I wake up early. It’s just how I roll. Whether I hit the pillow at 10pm or midnight or 2am, a 6am rise tends to always be what’s in store. Sometimes, sometimes, I sleep until 8 or 9am. When I do, I wake up grinning like I’ve just won the Lotto.
I always, not one exception, have the urge to go outside. Straight away. Most of the time I just open my big windows wide and let that be enough, stuffing down the desperate need for nature and proper fresh air. I always have the running dialogue of ‘you shouldn’t do that, you’ve just woken up’. Because I don’t see other people waking up and diving straight out their front door in their baggy pants and wooly hat at 6.30am, I think it’s weird if I do. This is one of the most annoying habits of mine – stopping myself doing stuff because I don’t see other people doing it – but it is beginning to gently break. And that’s such a relief.
This last week has been undescribably bitching and I have felt the importance of bringing myself back to the Now…constantly. And connecting to nature around me is the way I do this the most. It eases, inspires, nurtures, reassures and grounds. Or, when things are proper tits up, it at least just holds me. All the other things come with time.
So, one morning last week I listened to that urge to go outside, and went for a potter with my camera at 7am before the city had properly woken. The aim was to remind myself where I am, that it is 2013, that I am okay, that I am going to be okay. And it worked. I realised how, despite how much I soak up the beauty of my surroundings every time I go outside, I don’t realise how in the city you truly can connect with nature amongst the concrete. That morning stroll showed me nuggets of beauty that I hadn’t seen. I sat by a stream that I have always just walked past, wishing for the river or the sea. But that morning I sat by it for twenty minutes and realised that, despite it not being perfect – I couldn’t swim in it – it was still there. One of my most ultimate sources for resource – water. And now I have found some just down the road. Sure, I will always have a painful wish that it’s more, but at least there is some.
I am terrified of Spring. Because with spring comes the year mark of my overdose. And what follows spring comes the Summer – when the most trauma would happen with my mom. So, I go against the grain of the British world who are wishing the winter away – I have just been longing for it to stay. Because also, in the winter, it is easier to hibernate and feel like shit, because the rest of the world tends to be slightly dozey too. But come the summer I just have that painful longing for health. My chronic fatigue feels like a constant punch in the face, gut and heart. Every. Summer’s. Day. And now I’m living in a city, I fear this even more too.It’s a fear I can’t describe. It’s like a panic that runs through my bones – as soon as the sun comes out, I have to be in it, outside and in some form of water, or on some blustery hill with no block of concrete to be seen. The summer to me, means every waking minute outdoors.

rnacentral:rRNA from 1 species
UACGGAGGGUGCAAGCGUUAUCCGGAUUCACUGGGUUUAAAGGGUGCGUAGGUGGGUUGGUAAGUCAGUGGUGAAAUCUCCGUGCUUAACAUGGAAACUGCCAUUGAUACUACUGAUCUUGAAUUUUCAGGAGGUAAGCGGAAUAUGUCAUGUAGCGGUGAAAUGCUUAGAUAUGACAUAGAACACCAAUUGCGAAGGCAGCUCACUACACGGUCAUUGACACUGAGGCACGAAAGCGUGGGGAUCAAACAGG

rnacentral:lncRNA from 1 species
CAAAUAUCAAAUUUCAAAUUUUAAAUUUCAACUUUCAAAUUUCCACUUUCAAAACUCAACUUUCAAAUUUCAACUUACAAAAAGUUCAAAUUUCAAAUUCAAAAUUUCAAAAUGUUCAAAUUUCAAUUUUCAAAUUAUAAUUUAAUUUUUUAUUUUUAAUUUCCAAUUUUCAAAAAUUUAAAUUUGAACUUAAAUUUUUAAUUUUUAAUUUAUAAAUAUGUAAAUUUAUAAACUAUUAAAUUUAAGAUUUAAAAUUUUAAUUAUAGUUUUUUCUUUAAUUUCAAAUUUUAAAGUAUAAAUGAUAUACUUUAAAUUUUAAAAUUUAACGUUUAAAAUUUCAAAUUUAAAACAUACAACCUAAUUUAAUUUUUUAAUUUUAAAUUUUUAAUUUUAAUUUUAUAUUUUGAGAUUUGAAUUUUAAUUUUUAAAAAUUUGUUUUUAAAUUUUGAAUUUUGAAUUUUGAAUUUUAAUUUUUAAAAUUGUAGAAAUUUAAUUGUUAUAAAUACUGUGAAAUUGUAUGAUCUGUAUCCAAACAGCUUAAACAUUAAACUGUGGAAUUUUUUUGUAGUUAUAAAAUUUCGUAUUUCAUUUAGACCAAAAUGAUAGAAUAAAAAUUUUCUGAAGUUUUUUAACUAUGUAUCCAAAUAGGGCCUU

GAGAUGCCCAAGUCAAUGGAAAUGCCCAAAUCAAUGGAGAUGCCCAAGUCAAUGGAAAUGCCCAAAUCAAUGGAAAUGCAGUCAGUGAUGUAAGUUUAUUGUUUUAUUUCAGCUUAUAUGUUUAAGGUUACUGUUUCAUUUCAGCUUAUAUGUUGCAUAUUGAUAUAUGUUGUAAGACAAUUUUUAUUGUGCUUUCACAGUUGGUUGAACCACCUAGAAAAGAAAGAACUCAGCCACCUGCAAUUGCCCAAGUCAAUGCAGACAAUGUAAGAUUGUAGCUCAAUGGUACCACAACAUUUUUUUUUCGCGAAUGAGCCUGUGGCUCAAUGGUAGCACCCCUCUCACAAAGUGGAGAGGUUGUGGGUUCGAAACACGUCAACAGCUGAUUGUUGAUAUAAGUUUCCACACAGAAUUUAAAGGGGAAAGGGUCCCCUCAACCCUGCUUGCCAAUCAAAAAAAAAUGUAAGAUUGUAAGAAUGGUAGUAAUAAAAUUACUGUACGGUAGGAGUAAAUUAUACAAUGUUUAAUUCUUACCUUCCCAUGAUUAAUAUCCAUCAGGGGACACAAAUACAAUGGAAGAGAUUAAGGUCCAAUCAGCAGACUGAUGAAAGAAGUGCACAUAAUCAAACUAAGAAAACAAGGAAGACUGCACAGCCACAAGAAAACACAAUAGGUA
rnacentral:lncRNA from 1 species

This morning stroll gave me a blast of faith to all those fears I write above. It may not be perfect where I live, but there are many things about it that I need right now. And every day, most of my waking hours, nature is incorporated into it. So, despite it not being wild and free, it is still nurturing a big chunk of me. Compromise is one of my words of the moment, and I feel it quite fitting for this nugget of life too. As for the fear of the month it is, and the summer on its way, this is the year I am healing and releasing the trauma, so this is the only thing that seems to soften this fear of what is t come. Only just. I am still terrified, but it is so deeply stored in my body that all I can do is just notice it and gently prove it otherwise. And I know this is what works. That is all my body has known, but my soul knows otherwise.
Maybe Spring isn’t, and won’t be, so bad after all.
These are just a few of the treats I found. The chubby little guy in the first pic sits directly opposite my window every morn, greeting me with a ‘cuckoo’ whatever the hour, whatever the day. It’s lovely. I’ve named him Dave.